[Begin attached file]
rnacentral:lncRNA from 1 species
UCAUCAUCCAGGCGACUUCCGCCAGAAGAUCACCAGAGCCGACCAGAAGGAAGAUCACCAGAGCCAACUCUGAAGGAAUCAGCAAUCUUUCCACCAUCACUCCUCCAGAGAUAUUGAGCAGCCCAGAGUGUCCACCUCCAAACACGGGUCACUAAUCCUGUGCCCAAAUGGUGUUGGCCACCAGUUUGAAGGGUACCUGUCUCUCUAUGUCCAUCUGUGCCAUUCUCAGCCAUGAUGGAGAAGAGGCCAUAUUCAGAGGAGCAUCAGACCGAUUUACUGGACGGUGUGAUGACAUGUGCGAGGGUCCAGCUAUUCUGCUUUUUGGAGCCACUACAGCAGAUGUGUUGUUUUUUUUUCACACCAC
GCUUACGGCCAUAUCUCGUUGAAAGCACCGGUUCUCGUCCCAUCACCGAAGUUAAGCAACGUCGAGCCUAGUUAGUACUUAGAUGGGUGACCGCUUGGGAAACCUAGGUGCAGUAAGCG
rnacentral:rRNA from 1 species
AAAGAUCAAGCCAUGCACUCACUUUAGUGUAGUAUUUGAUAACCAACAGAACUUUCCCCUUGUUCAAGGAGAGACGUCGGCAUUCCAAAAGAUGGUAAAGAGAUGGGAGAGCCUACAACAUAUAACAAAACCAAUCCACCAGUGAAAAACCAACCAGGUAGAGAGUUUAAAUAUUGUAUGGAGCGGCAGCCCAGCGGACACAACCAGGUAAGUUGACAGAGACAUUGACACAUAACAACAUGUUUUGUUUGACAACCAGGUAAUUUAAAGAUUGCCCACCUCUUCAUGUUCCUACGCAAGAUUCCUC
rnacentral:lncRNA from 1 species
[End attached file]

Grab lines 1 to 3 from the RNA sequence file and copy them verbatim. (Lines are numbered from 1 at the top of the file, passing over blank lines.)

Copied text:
rnacentral:lncRNA from 1 species
UCAUCAUCCAGGCGACUUCCGCCAGAAGAUCACCAGAGCCGACCAGAAGGAAGAUCACCAGAGCCAACUCUGAAGGAAUCAGCAAUCUUUCCACCAUCACUCCUCCAGAGAUAUUGAGCAGCCCAGAGUGUCCACCUCCAAACACGGGUCACUAAUCCUGUGCCCAAAUGGUGUUGGCCACCAGUUUGAAGGGUACCUGUCUCUCUAUGUCCAUCUGUGCCAUUCUCAGCCAUGAUGGAGAAGAGGCCAUAUUCAGAGGAGCAUCAGACCGAUUUACUGGACGGUGUGAUGACAUGUGCGAGGGUCCAGCUAUUCUGCUUUUUGGAGCCACUACAGCAGAUGUGUUGUUUUUUUUUCACACCAC
GCUUACGGCCAUAUCUCGUUGAAAGCACCGGUUCUCGUCCCAUCACCGAAGUUAAGCAACGUCGAGCCUAGUUAGUACUUAGAUGGGUGACCGCUUGGGAAACCUAGGUGCAGUAAGCG